Publication Abstract

Authors: Tong L, Ahn C, Symanski E, Lai D, Du XL

Title: Relative impact of earlier diagnosis and improved treatment on survival for colorectal cancer: a US database study among elderly.

Journal: Cancer Epidemiol 38(6):733-40

Date: 2014 Dec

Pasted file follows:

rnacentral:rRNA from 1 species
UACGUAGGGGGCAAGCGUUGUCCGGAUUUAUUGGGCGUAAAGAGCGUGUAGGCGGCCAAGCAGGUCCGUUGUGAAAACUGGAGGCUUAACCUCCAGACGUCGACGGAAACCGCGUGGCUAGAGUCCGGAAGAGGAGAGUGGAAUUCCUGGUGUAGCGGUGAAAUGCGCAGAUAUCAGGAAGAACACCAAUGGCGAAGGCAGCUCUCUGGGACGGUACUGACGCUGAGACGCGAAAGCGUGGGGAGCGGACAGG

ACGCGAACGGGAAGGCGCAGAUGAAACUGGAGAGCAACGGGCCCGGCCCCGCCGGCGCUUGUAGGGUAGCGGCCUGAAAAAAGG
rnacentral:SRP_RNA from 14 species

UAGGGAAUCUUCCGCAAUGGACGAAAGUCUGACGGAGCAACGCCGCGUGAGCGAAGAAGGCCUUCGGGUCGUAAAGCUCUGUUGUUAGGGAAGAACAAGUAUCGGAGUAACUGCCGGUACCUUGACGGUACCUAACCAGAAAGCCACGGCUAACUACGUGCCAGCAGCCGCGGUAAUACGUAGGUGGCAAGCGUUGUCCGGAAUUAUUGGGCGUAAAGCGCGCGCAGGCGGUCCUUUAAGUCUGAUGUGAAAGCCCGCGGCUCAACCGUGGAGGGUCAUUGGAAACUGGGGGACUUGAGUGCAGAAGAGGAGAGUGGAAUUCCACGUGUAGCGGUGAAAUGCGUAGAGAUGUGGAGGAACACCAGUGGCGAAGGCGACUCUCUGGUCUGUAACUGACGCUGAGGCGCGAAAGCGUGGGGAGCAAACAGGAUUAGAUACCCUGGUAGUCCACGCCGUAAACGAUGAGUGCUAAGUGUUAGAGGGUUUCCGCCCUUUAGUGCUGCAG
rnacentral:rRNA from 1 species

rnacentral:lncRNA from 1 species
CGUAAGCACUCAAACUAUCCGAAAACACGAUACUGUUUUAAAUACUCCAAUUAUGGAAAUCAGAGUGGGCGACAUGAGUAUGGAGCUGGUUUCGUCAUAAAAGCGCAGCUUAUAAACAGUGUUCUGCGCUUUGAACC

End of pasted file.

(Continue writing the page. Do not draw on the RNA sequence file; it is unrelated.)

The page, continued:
Abstract: PURPOSES: To estimate what proportion of improvement in relative survival was attributable to smaller stage/size due to early detection and what proportion was attributable to cancer chemotherapy in patients with colorectal cancer (CRC). METHODS: We studied 69,718 patients with CRC aged ≥ 66 years in 1992-2009 from Surveillance, Epidemiology, and End Results registries. Study periods were categorized into three periods according to the major changes or advances in screening and chemotherapy regimens: (1) Period-1 (1992-1995), during which there was no evidence-based recommendation for routine CRC screening and 5-fluorouracil was the mainstay for chemotherapy; (2) Period-2 (1996-2000), during which evidences and guidelines supported the use of fecal occult blood test (FOBT) and sigmoidoscopy for routine CRC screening; and (3) Period-3 (2001-2009), during which Medicare Program added the full coverage for colonoscopy screening to average-risk individuals, and several newly developed chemotherapy regimens were approved. Outcome variables included the likelihood of being diagnosed at an early stage or with a small tumor size, and improvement in relative survival. RESULTS: Compared to period-1, likelihood of being diagnosed with early stage CRC increased by 20% in period-2 (odds ratio = 1.2, 95%CI: 1.1-1.2) and 30% in period-3 (1.3, 1.2-1.4); and likelihood of being diagnosed with small-size CRC increased by 60% in period-2 and 110% in period-3. Similarly, 5-year overall relative survival increased from 51% in period-1 to 56% in period-2 and 60% in period-3. Increase in survival attributable to migration in stage/size was 9% in period-2 and 20% in period-3, while the remaining survival improvement during period-2 and period-3 were largely attributable to more effective chemotherapy regimens (≥ 71.6%) and other treatment factors (≤ 25%). CONCLUSIONS: Improvements in CRC screening resulted in a migration of CRC toward earlier tumor stage and smaller size, which contributed to ≤ 20% of survival increase. Survival improvement over the past 2 decades was largely explained by more effective chemotherapy regimens (≥ 71.6%).